perfect silver tetradrachmae, Greek
coins approximately 2,000 y e a r s
old, it has been reported in a cable-
gram from the excavators to Direc-
tor Blakemore Godwin, of the To-
ledo Museum of art.
The coins, which had a purchas-
ing power comparable to that of $10
in American money today, are
among the most important of the
many interesting relics the expedi-
tion has brought to light, Director
Godwin said. Other coins, totaling
more than 700, most of which dat-
ed to the reign of Vologases, 140-190
A.D., also are among recent finds
reported by Prof. Leroy Waterman,
head of the expedition. The pieces
were found in hoards of several
hundred each, all on the first level
of the great Parthian palace that
has been completely uncovered.
Professor Waterman is being as-
sisted in the work of excavation by
a crew of nine experts and 250
laborers who are concentrating on
the task of pushing their depth
through the Greek, Babylonian, and
Sumerian strata believed to lie im-
mediately beneath the site of pres-
ent operations. Headquarters of the
expedition are in Tel Omar, Iraq,
not far from Bagdad.
A collection of objects recently
exhumed and interesting photo-
graphs of the excavations are now
on display at the University mu-
Dean of Radcliffe
Bans Molnar Play;-
Will be Given Here
Once again the gaunt foreigner
of suppression has been shaken in
Boston. This time, dispatches from
Cambridge say that Dean B. V.
Brown, of Radcliffe college has re-
fused to permit members of the

Idler club to cooperate with the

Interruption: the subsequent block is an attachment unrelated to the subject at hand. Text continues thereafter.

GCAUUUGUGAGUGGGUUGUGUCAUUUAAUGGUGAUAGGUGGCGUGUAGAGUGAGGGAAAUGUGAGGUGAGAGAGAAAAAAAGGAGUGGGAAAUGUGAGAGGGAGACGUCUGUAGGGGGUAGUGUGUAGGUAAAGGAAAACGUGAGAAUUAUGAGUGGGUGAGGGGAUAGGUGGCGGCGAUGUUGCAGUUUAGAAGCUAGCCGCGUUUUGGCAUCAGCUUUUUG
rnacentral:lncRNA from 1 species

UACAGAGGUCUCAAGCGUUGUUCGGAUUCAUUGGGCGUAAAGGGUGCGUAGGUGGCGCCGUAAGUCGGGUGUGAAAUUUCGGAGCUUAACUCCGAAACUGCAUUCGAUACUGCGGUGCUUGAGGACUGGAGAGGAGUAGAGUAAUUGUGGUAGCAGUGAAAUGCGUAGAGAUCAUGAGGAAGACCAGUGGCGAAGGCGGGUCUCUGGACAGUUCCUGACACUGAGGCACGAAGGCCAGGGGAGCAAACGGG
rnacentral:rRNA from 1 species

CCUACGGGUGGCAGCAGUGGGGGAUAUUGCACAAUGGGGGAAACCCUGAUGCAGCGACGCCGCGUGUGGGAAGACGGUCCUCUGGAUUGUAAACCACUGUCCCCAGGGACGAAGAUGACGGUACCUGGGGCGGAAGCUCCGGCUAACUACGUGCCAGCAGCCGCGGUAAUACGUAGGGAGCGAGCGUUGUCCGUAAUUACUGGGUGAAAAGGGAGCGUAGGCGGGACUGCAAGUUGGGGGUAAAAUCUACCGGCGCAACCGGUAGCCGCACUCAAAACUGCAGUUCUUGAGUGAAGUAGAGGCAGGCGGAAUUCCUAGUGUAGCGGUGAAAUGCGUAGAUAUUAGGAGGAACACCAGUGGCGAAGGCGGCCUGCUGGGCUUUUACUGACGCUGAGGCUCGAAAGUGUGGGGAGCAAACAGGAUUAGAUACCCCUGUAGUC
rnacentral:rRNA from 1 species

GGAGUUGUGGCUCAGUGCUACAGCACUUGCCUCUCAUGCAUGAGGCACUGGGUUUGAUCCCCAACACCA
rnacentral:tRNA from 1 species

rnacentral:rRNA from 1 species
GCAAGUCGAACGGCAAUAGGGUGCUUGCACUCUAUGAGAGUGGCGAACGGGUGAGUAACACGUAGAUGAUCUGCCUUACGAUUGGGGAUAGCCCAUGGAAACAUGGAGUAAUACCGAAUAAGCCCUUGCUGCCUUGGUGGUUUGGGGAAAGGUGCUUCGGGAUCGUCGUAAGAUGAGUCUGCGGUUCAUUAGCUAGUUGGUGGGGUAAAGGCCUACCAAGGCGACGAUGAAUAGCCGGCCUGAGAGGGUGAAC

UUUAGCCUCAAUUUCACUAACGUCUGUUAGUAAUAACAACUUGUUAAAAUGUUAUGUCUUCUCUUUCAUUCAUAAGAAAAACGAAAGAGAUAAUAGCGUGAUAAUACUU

Harvard Dramatic club in present-
ing Ferenc Molnar's "Olympia,"
which she chooses to classify asj
"the worst play I have ever read."
In making public her stand on
the matter, Dean Brown neglected
to state whether her objection was
based on moral or literary grounds.
However, she suggested, "Read the
play yourself."
"Olympia," produced by Comedy
club, will open in the Lydia Men-
delssohn theatre here Friday night,
with performances on Saturday
and a third, Saturday, Nov. 1. "The
Guardsman," another of Molnar's
plays much in the same vein, pro-
duced here last summer by Play
Production's Michigan Repertory
players, was well received.
English Tribunal Gets
Strange African D.ase,
( By AssXociated Press)
LONDON, Oct. 20.-The right of

1ive classes. representing as many schools and colleges of the Uni-
versit. selectel their class officers for the year yesterday and Friday
afternoon. In two elections all offices were decided by a unanimous ballot
while in a third all positions except one, were filled in this manner. lit
all cases except one, the elections were for senior class offices.
laudte Guim was chosen to head the 1931 architectural class. TlIhe
defeatedl candidates for this position were Mortimer Ilawkins and
-- - Frederick Rink. A tie for the vice-
presidency, between John Pottle
Barber Shaves Too and Lorbe Marshall will be run off
Close for Cobbler soon by the Architectural society.
William Denler and Dorothy White
ALTO o, Cua Oct. 20.- were chosen secretary and treasurer
A barber and a shoemaker, using respectively. Both were unopposed.
implements of their respective In the business ad school, F. M.
trades, fought a duel to the Cornwell with 18 votes won the
death here today. presidency over Lawrence Reed,
Joaqui nBotsch, the barber, with 15 votes, and Victor Schu-
and Manuel Lopez, the shoe- macher with 10. The margin of
maker, decided to settle a dis- victory was only one vote in the
pute with razor and leather race for the office of vice-president,
knife. Robert Dixon polling 15 votes to
They retired to a lonely spot win over Edward Goodman and
for their duel, 15 minutes later Mary Parnell, 14 and 13 respective-
Lopez was dead, Bosch was ar- ly. Another tie was recorded when
rested, charged with murder.- James Dale and Harry Ladd each
polled 15 votes for the secretary-
ship. Ben Patch, the third man in

William P. Kinder, Wayne



Unanimous Vote of Classmates at
Pharmacy, Dental Polls.


Region From Rocky Mountains
to Virginia Reported Covered
by Unseasonable Snow.
(Big Associated Press)